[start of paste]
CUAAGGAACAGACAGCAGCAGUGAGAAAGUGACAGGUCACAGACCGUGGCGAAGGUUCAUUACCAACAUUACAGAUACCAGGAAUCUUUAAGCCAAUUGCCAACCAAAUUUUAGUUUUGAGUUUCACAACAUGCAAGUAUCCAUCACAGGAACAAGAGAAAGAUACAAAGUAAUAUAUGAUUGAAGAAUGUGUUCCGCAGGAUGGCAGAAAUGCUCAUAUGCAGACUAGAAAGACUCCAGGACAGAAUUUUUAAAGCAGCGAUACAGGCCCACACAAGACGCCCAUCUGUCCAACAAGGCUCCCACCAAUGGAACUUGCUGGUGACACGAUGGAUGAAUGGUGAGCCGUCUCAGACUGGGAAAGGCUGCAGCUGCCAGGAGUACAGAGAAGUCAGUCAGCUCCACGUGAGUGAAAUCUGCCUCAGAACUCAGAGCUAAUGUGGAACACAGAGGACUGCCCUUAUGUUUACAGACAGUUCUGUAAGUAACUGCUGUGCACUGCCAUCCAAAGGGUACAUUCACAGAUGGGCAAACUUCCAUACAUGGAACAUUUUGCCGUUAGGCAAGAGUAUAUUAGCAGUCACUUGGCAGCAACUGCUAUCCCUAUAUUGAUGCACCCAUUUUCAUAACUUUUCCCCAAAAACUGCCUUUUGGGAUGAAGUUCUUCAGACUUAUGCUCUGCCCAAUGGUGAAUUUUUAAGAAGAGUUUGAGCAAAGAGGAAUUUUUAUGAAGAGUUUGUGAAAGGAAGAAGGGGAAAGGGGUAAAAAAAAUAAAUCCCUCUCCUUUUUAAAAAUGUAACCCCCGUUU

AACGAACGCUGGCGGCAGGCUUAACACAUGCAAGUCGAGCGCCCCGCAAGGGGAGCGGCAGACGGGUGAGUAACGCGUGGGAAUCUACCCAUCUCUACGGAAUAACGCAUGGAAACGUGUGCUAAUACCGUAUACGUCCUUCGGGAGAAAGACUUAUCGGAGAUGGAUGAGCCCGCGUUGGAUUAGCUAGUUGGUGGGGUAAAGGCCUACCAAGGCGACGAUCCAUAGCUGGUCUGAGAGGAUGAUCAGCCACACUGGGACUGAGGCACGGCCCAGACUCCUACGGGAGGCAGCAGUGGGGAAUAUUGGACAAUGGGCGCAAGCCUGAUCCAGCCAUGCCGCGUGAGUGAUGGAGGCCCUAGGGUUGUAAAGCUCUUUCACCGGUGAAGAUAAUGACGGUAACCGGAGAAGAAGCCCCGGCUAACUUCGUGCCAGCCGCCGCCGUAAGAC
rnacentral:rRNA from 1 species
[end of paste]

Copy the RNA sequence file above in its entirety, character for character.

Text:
CUAAGGAACAGACAGCAGCAGUGAGAAAGUGACAGGUCACAGACCGUGGCGAAGGUUCAUUACCAACAUUACAGAUACCAGGAAUCUUUAAGCCAAUUGCCAACCAAAUUUUAGUUUUGAGUUUCACAACAUGCAAGUAUCCAUCACAGGAACAAGAGAAAGAUACAAAGUAAUAUAUGAUUGAAGAAUGUGUUCCGCAGGAUGGCAGAAAUGCUCAUAUGCAGACUAGAAAGACUCCAGGACAGAAUUUUUAAAGCAGCGAUACAGGCCCACACAAGACGCCCAUCUGUCCAACAAGGCUCCCACCAAUGGAACUUGCUGGUGACACGAUGGAUGAAUGGUGAGCCGUCUCAGACUGGGAAAGGCUGCAGCUGCCAGGAGUACAGAGAAGUCAGUCAGCUCCACGUGAGUGAAAUCUGCCUCAGAACUCAGAGCUAAUGUGGAACACAGAGGACUGCCCUUAUGUUUACAGACAGUUCUGUAAGUAACUGCUGUGCACUGCCAUCCAAAGGGUACAUUCACAGAUGGGCAAACUUCCAUACAUGGAACAUUUUGCCGUUAGGCAAGAGUAUAUUAGCAGUCACUUGGCAGCAACUGCUAUCCCUAUAUUGAUGCACCCAUUUUCAUAACUUUUCCCCAAAAACUGCCUUUUGGGAUGAAGUUCUUCAGACUUAUGCUCUGCCCAAUGGUGAAUUUUUAAGAAGAGUUUGAGCAAAGAGGAAUUUUUAUGAAGAGUUUGUGAAAGGAAGAAGGGGAAAGGGGUAAAAAAAAUAAAUCCCUCUCCUUUUUAAAAAUGUAACCCCCGUUU

AACGAACGCUGGCGGCAGGCUUAACACAUGCAAGUCGAGCGCCCCGCAAGGGGAGCGGCAGACGGGUGAGUAACGCGUGGGAAUCUACCCAUCUCUACGGAAUAACGCAUGGAAACGUGUGCUAAUACCGUAUACGUCCUUCGGGAGAAAGACUUAUCGGAGAUGGAUGAGCCCGCGUUGGAUUAGCUAGUUGGUGGGGUAAAGGCCUACCAAGGCGACGAUCCAUAGCUGGUCUGAGAGGAUGAUCAGCCACACUGGGACUGAGGCACGGCCCAGACUCCUACGGGAGGCAGCAGUGGGGAAUAUUGGACAAUGGGCGCAAGCCUGAUCCAGCCAUGCCGCGUGAGUGAUGGAGGCCCUAGGGUUGUAAAGCUCUUUCACCGGUGAAGAUAAUGACGGUAACCGGAGAAGAAGCCCCGGCUAACUUCGUGCCAGCCGCCGCCGUAAGAC
rnacentral:rRNA from 1 species